The Silicon Valley start-ups that often grab headlines are typically in the Internet and consumer technology world. But there’s another part of start-up land that is also highly active: health-related technology, which includes biotech, health care services and medical devices.
Venture capitalists have been pouring money into health-related start-ups, with funding jumping 34 percent to $ 9.4 billion in 2014 from a year earlier, according to the National Venture Capital Association. What’s often left unsaid about these companies is that they behave very differently from the typical consumer start-up or business software company.
The health-related start-up sector has produced fewer unicorns, which are the private companies with $ 1 billion-plus valuations, largely because it takes a long time to develop new medical tests, drugs or insurance systems. Regulators often weigh in. Even if an idea behind a start-up is truly great, itâs bound to fail if the science doesnât work out, if the regulators donât like what they see, or if insurers and the government wonât pay for the product.
Bryan Roberts, a partner at the venture capital firm Venrock, knows the risks. He has been investing in health tech companies since 1997 and has put money into seven unicorn companies, including Illumina, Athenahealth and Intarcia Therapeutics. He also led the investment in the health care software company Castlight Health, which has seen its stock price fall by half since its initial public offering.
Mr. Roberts explained in an interview what makes the health tech space treacherous for investors, including the dangers of investing in a good story rather than in good science. Among the companies he discussed was Theranos, the blood-testing start-up valued at around $ 9 billion by investors, which recently made waves after a Wall Street Journal investigation raised questions about its technology.
The interview was edited for clarity.
Health care-related start-ups usually attract specialist venture investors rather than generalists. Why?
Software and services companies that focus on improving health care costs and outcomes used to attract specialists because they were in a small, unloved space. These companies have historically been treacherous for a few reasons. The customers have no money. The people who pay for care are different than the people who get that care, so incentives arenât aligned. The providers have no idea how much things cost. And there was historically not much technology adoption in the space. But thatâs changing thanks to new regulations, changes to payment models and more technology adoption. More technology entrepreneurs and investors are going into the space.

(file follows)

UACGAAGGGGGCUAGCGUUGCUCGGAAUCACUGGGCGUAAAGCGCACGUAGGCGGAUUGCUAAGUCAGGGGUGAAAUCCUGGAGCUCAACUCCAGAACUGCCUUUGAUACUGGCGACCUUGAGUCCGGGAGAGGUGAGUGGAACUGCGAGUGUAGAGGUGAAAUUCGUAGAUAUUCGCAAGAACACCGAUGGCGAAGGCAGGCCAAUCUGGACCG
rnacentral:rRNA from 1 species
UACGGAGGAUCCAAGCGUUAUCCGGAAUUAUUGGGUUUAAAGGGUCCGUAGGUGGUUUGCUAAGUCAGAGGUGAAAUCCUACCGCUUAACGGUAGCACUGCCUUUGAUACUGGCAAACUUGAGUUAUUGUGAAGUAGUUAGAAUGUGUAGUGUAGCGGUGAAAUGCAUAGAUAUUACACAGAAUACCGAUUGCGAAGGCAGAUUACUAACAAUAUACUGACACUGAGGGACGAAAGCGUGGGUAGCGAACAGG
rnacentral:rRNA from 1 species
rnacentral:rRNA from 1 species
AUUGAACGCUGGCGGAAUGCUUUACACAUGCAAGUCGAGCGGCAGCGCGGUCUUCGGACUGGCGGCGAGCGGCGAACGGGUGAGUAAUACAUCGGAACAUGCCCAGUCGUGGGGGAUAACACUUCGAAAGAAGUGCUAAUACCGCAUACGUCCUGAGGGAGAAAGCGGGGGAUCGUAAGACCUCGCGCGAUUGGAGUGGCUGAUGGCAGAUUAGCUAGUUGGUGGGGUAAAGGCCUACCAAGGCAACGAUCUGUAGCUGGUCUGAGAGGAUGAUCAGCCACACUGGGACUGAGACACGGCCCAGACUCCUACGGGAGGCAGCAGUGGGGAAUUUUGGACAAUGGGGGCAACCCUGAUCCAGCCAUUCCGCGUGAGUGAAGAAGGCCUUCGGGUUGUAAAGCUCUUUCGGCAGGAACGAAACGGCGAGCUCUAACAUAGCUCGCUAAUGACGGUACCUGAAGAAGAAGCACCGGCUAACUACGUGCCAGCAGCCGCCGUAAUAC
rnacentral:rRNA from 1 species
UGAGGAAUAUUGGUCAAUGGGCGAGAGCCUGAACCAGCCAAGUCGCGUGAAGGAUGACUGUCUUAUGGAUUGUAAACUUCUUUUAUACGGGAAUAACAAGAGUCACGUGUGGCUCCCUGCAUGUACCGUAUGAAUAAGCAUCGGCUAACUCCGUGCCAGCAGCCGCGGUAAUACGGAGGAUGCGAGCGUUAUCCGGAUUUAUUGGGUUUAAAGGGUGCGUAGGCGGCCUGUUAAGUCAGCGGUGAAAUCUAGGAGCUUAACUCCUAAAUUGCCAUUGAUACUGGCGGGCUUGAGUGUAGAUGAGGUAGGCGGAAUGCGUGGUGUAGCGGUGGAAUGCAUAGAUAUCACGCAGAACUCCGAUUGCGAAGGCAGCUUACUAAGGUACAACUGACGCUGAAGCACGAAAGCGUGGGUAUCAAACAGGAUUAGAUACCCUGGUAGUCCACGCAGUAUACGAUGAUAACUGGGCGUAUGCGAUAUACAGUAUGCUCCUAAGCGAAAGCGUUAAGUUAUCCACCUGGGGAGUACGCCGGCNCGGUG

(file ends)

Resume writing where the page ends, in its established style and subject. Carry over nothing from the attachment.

Biotech and diagnostics companies continue to attract specialists because they depend on very technical evaluations like clinical trial success or failure. Itâs also a large enough market to support specialists.
You are a proponent of start-ups in health care-related industries having industry experts on their boards. Why?
Generally speaking, the entrepreneurs are trying something new, innovative and risky. You need people who can push and prod on the founder because, at the end of the day, the company needs to integrate their totally new approach with cleareyed realism about the industry theyâre trying to change. That realism comes from industry experience. I think that a leading indicator of success is how a company integrates those two things
Theranos has recently been in the news. What are your thoughts on the start-up? (Mr. Roberts was not approached to invest, nor did he look to invest, in Theranos.)
I was skeptical. The industry that Theranos is a part of has been commoditized. Those blood tests are run millions of times a year by two entrenched players, Laboratory Corporation of America and Quest Diagnostics, that have only single-digit net margins. So I didnât want to be in at any price, especially at a $ 9 billion valuation. The company would need $ 2 billion to $ 3 billion in revenue just for me to break even on my investment. I donât want to break even. No one wants to break even. I want to make money.
If you build a start-up that competes against entrenched competitors based largely on price, thatâs a hard business for anyone. The problem with competing on price is that entrenched competitors are willing to lose money to put someone out of business and get rid of them. You want to enable something totally new. I didnât think Theranos was something new.
What role does data play in these types of companies?
Especially in biotech and diagnostics companies, you have to follow the scientific axiom of trust the data and nothing else. No company, whether itâs Theranos or anyone else, will escape that truth.
Most companies present or publish data in parallel to the Food and Drug Administration process because the F.D.A.âs review is often not public. If you get approval, you still want your analysis and data to be public because the F.D.A. hurdles for acceptance are different depending on whether youâre a therapeutic, a medical device or a diagnostic company.
Broadly speaking, medical professionals place peer-reviewed literature in high regard. And as an investor, I want to read things that show that a new product to be a substantial improvement over what is already happening.
Is there a takeaway from the Theranos situation for investors?
I look at the puzzle pieces around the Theranos experience and Iâm reminded of the danger of the echo chamber. When people hear things 10 times they assume them to be true, and it can make it seem less urgent to do your own research. Itâs not just a lesson for this industry.